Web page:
Yard and Garden: Protecting Trees and Shrubs Against Rabbits in Winter


November 12, 2014, 3:39 pm | Richard Jauron, Greg Wallace

AMES, Iowa -- Trees and shrubs are not as active in winter, but that doesn’t mean they should be ignored through the cold season. Winter brings food scarcity, which makes the home landscape a target for rabbits. Rabbits can severely damage trees and shrubs unless homeowners are proactive, which makes protecting them before winter arrives a major priority. Horticulturists with Iowa State University Extension and Outreach tell how to protect trees and shrubs against rabbits this winter. To have additional questions answered, contact the ISU Hortline at 515-294-3108 or hortline@iastate.edu.

Rabbit DamageHow do I prevent rabbit damage to trees and shrubs in winter? 

The most effective way to prevent rabbit damage to trees and shrubs in the home landscape is to place chicken wire fencing or hardware cloth around vulnerable plants. To adequately protect plants, the fencing material needs to be high enough that rabbits won’t be able to climb or reach over the fence after a heavy snow. In most cases, a fence that stands 24 to 36 inches tall should be sufficient. To prevent rabbits from crawling underneath the fencing, bury the bottom two to three inches below the ground or pin the fencing to the soil with U-shaped anchor pins. Small trees can also be protected by placing white spiral tree guards around their trunks. After a heavy snow, check protected plants to make sure rabbits aren’t able to reach or climb over the fencing or tree guards.  If necessary, remove some of the snow to keep rabbits from reaching the trees or shrubs.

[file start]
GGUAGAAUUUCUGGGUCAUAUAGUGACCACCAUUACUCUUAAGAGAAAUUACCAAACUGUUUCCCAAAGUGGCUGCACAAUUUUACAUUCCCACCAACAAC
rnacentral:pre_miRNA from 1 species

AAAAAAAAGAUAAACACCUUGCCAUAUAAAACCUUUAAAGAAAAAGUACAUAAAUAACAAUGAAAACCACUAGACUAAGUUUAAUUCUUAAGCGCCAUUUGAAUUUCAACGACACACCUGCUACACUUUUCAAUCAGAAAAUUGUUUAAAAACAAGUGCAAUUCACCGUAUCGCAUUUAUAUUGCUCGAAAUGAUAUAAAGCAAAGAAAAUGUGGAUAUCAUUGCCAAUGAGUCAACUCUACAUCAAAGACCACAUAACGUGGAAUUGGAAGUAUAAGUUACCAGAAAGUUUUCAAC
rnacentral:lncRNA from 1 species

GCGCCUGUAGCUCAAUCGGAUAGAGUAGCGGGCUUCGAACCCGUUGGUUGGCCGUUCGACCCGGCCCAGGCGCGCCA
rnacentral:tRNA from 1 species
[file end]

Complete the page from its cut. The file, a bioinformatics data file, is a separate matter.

Damage may also be reduced by removing brush, junk piles and other places where rabbits live and hide. Trapping and repellents are other management options.

Which plants are most likely to be damaged by browsing rabbits in winter?

Trees and shrubs that are often damaged by rabbits in winter include crabapple, apple, pear, redbud, honey locust, serviceberry, burning bush or winged euonymus, flowering quince, barberry, roses and raspberries. Small evergreens (especially pines) are also vulnerable. However, nearly all small trees and shrubs are susceptible to damage when food sources are scarce and rabbit populations are high.

Can anything be done to save trees and shrubs damaged by rabbits over winter?

Prevention is the key to safeguarding the health of trees and shrubs in the landscape. Little can be done once the damage has occurred.  

Deciduous trees that have been girdled (the bark has been removed completely around the trunk) have essentially been destroyed. Wrapping the trunk or applying pruning paint to the damaged area will not save the tree. Most affected trees will sucker from the base. However, most fruit and ornamental trees are propagated by grafting. Suckers which originate from the rootstock will not produce a desirable tree. Trees that have been girdled should be removed and replaced with additional trees.  

Many deciduous shrubs have the ability to produce new shoots or suckers at their base. Because of this ability, many severely damaged deciduous shrubs will likely recover in a few years. Girdled stems should be cut off just below the feeding injury.  

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